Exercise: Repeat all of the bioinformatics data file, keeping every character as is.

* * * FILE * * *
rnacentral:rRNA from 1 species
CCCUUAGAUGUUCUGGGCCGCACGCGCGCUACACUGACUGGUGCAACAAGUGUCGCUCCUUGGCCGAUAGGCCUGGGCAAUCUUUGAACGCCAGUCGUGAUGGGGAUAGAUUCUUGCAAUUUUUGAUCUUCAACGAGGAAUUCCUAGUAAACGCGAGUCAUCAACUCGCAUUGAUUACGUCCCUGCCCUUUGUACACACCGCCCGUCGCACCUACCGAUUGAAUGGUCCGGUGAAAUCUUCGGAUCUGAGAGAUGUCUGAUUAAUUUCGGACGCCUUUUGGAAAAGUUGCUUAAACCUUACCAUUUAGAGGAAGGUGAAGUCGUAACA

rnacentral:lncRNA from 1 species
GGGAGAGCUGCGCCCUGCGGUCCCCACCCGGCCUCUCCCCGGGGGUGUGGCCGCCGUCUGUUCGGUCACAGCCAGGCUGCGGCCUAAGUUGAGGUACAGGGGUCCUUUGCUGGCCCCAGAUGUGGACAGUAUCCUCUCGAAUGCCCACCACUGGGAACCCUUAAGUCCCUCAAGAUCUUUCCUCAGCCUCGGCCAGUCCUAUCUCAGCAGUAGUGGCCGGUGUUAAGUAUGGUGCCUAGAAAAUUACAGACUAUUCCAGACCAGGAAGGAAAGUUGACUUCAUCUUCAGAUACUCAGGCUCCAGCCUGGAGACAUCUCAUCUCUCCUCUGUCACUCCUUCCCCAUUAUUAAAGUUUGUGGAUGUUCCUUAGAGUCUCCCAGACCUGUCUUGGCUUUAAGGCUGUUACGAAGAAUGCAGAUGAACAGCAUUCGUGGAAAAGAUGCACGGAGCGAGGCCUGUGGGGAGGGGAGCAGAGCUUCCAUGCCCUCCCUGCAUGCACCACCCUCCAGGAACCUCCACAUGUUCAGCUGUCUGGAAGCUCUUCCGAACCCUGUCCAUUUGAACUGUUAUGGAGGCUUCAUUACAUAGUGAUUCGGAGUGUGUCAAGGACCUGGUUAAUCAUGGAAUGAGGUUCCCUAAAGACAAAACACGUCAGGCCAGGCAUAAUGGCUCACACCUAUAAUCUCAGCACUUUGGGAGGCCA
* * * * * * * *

rnacentral:rRNA from 1 species
CCCUUAGAUGUUCUGGGCCGCACGCGCGCUACACUGACUGGUGCAACAAGUGUCGCUCCUUGGCCGAUAGGCCUGGGCAAUCUUUGAACGCCAGUCGUGAUGGGGAUAGAUUCUUGCAAUUUUUGAUCUUCAACGAGGAAUUCCUAGUAAACGCGAGUCAUCAACUCGCAUUGAUUACGUCCCUGCCCUUUGUACACACCGCCCGUCGCACCUACCGAUUGAAUGGUCCGGUGAAAUCUUCGGAUCUGAGAGAUGUCUGAUUAAUUUCGGACGCCUUUUGGAAAAGUUGCUUAAACCUUACCAUUUAGAGGAAGGUGAAGUCGUAACA

rnacentral:lncRNA from 1 species
GGGAGAGCUGCGCCCUGCGGUCCCCACCCGGCCUCUCCCCGGGGGUGUGGCCGCCGUCUGUUCGGUCACAGCCAGGCUGCGGCCUAAGUUGAGGUACAGGGGUCCUUUGCUGGCCCCAGAUGUGGACAGUAUCCUCUCGAAUGCCCACCACUGGGAACCCUUAAGUCCCUCAAGAUCUUUCCUCAGCCUCGGCCAGUCCUAUCUCAGCAGUAGUGGCCGGUGUUAAGUAUGGUGCCUAGAAAAUUACAGACUAUUCCAGACCAGGAAGGAAAGUUGACUUCAUCUUCAGAUACUCAGGCUCCAGCCUGGAGACAUCUCAUCUCUCCUCUGUCACUCCUUCCCCAUUAUUAAAGUUUGUGGAUGUUCCUUAGAGUCUCCCAGACCUGUCUUGGCUUUAAGGCUGUUACGAAGAAUGCAGAUGAACAGCAUUCGUGGAAAAGAUGCACGGAGCGAGGCCUGUGGGGAGGGGAGCAGAGCUUCCAUGCCCUCCCUGCAUGCACCACCCUCCAGGAACCUCCACAUGUUCAGCUGUCUGGAAGCUCUUCCGAACCCUGUCCAUUUGAACUGUUAUGGAGGCUUCAUUACAUAGUGAUUCGGAGUGUGUCAAGGACCUGGUUAAUCAUGGAAUGAGGUUCCCUAAAGACAAAACACGUCAGGCCAGGCAUAAUGGCUCACACCUAUAAUCUCAGCACUUUGGGAGGCCA